Review: Bruichladdich Octomore 11.1, 11.3 and 10 Years Old R2020

Review: Bruichladdich Octomore 11.1, 11.3 and 10 Years Old R2020

The latest Octomore release is here, and our friends from Islay’s Bruichladdich, Head Distiller Adam Hannett and Production Director Allan Logan, recently took the time to walk us through the lineup — or, at least, 3/4 of it — in a Zoom-based “master class” exploration of the “the world’s most heavily peated whisky.” As usual, Octomore comprises a group of four different expressions, each with a unique focus, including a 10 year old expression of Octomore that doesn’t officially bear the 11.x nomenclature. (Note that Octomore 11.2 is missing from this roundup because it’s a distillery exclusive which can be ordered online; the other 3 releases are all available in U.S. retail starting now.)

Let’s dig into the trio.

Bruichladdich Octomore 11.1 – 5 years old — which is quite young for the series. Distilled in 2014 from a 2013 harvest of 100% Scottish barley, and fully matured in first-fill bourbon casks. Peated to 139.6ppm, which is fairly low for Octomore, and you can tell right away: Compared to previous bottlings of Octomore, 11.1 comes across as entirely approachable and really understated. The nose is a bit bready and doughy, but also quite fruity, with notes of banana and tangerine prominent. More fruit emerges quickly on the palate — peaches and apricots coming into the mix — alongside a punch of vanilla and some chocolate. The finish is where the peat really shows itself most clearly, leaving a lightly ashy tobacco note on the tongue, but also lots of sweet, fruity custard elements. Delightful stuff that any Islay fan should try. 118.8 proof. A / $200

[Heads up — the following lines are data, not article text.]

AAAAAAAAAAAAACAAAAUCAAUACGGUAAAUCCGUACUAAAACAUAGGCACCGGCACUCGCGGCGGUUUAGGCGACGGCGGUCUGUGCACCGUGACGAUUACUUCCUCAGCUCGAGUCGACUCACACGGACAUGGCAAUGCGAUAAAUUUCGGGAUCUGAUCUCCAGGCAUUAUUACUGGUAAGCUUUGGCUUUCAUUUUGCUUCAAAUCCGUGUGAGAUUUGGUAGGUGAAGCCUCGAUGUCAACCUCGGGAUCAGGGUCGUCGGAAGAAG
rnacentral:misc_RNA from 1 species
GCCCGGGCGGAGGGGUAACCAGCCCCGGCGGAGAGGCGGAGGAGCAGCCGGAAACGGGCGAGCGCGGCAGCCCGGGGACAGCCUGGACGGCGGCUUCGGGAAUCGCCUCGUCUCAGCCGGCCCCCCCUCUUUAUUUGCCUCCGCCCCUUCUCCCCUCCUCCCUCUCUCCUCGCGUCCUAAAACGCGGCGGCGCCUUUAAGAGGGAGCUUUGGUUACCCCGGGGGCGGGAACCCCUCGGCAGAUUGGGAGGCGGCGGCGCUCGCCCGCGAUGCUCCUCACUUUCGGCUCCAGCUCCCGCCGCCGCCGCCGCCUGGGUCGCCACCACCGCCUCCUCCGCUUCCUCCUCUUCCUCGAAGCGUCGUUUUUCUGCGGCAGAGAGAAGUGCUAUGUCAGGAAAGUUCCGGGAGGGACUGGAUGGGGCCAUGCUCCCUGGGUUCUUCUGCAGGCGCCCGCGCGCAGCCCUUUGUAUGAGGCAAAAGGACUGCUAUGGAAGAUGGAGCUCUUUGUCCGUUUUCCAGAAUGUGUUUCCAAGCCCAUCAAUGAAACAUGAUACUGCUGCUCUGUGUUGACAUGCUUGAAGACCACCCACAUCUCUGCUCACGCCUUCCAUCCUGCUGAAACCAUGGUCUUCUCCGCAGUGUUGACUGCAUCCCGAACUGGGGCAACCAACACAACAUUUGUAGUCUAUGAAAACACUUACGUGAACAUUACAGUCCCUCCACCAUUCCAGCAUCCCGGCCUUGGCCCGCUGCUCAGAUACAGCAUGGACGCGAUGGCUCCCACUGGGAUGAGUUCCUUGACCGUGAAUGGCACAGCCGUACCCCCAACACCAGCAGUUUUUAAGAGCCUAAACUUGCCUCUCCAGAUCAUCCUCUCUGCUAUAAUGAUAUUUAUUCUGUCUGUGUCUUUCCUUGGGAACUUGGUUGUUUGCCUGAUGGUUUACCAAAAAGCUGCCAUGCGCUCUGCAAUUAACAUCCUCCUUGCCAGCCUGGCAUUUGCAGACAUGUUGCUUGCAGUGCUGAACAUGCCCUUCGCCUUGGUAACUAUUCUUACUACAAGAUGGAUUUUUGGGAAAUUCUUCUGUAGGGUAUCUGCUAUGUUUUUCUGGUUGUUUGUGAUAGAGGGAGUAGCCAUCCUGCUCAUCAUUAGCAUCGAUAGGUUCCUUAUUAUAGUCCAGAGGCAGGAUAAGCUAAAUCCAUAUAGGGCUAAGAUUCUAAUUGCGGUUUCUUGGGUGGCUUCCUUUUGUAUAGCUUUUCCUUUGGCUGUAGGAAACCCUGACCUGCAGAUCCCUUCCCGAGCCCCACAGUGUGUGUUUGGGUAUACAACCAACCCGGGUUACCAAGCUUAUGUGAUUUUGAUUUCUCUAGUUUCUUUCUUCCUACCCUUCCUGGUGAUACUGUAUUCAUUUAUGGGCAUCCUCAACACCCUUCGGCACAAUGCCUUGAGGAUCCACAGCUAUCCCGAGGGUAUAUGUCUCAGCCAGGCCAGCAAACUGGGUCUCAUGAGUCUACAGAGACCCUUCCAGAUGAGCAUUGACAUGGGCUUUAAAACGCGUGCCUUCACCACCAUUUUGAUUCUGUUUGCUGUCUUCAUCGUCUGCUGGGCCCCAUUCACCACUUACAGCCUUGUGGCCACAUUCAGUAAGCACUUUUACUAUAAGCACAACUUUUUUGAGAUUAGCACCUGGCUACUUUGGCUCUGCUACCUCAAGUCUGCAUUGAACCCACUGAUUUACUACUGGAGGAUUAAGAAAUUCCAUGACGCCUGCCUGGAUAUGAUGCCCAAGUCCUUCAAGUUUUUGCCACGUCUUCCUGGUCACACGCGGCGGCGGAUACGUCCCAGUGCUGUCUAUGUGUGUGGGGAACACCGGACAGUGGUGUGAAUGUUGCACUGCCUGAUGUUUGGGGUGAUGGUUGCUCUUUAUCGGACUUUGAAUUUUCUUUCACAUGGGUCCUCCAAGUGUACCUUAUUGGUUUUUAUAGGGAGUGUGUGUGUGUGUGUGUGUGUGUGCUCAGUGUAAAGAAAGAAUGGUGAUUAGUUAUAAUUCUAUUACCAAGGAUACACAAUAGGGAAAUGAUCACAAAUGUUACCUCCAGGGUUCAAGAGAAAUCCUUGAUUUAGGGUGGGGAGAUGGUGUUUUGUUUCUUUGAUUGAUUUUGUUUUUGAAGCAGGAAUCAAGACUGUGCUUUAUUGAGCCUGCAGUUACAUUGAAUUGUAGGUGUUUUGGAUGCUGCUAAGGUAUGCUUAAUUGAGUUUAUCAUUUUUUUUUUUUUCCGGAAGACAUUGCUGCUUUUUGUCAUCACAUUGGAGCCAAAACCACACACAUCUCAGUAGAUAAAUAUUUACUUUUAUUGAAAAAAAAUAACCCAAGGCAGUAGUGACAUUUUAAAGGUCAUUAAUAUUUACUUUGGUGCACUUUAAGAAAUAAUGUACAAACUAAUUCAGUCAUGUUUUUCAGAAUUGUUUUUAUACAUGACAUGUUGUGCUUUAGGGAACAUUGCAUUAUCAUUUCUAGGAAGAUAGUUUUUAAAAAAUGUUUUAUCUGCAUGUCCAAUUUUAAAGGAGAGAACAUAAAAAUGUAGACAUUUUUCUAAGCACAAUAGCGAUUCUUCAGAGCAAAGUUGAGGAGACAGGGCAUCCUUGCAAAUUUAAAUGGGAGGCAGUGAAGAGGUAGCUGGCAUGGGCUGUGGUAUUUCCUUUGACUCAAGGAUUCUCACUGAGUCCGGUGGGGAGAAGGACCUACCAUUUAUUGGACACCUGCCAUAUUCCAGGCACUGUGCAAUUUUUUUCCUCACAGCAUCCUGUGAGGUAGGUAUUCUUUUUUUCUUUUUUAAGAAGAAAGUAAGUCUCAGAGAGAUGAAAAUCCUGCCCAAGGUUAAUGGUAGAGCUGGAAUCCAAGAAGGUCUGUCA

Bruichladdich Octomore 11.3 – 5 years old, distilled from estate-grown barley from Octomore Farm and aged in bourbon casks. Essentially the primary difference here is the barley source, though here the peat hits 194ppm, and the abv is higher. There’s definitely more peat on the nose here, but the whisky remains fairly understated and subdued, with less of a bakery character and more earthiness. There’s just as much to love on the palate, and the fruit feels better integrated with the overall experience, with a significantly more oily body. The finish is also more pungent and aggressive with peat — a more classic maritime character emerging alongside a clearer iodine note as the whisky fades away. Octomore 11.3 cuts a more traditional, big-peat profile than the more elegant 11.1, and it stands as a compelling exemplar of the Octomore style. 123.4 proof. A- / $260 

Bruichladdich Octomore 10 Years Old R2020 – And now for something completely different. Twice as old as the rest of the 11.x series, this 10 year old — the 4th edition of Octomore 10 — was distilled in 2009 from Scottish barley and matured in a combination of first- and second-fill bourbon casks as well as virgin oak, which Octomore has experimented with in the past. 208 ppm. This is lower in proof and higher in phenol ppm than the 11.x whiskies — and it’s the most pungent and powerful of the bunch, hands down. An aggressive exploration of peat, the whisky offers a massive nose of creosote and ruddy peat bogs, its fruit tamped down considerably. Things open up on the palate, if slowly. The fruit here is informed by notes of baked apples, lemon curd, and some spice — with a well-integrated salty-smokiness on the finish. Give this one time in glass to develop and showcase its brilliant charms. 108.6 proof. A- / $235

Bruichladdich Octomore 11.1




Christopher Null is the founder and editor in chief of Drinkhacker. A veteran writer and journalist, he also operates Null Media, a bespoke content creation company.

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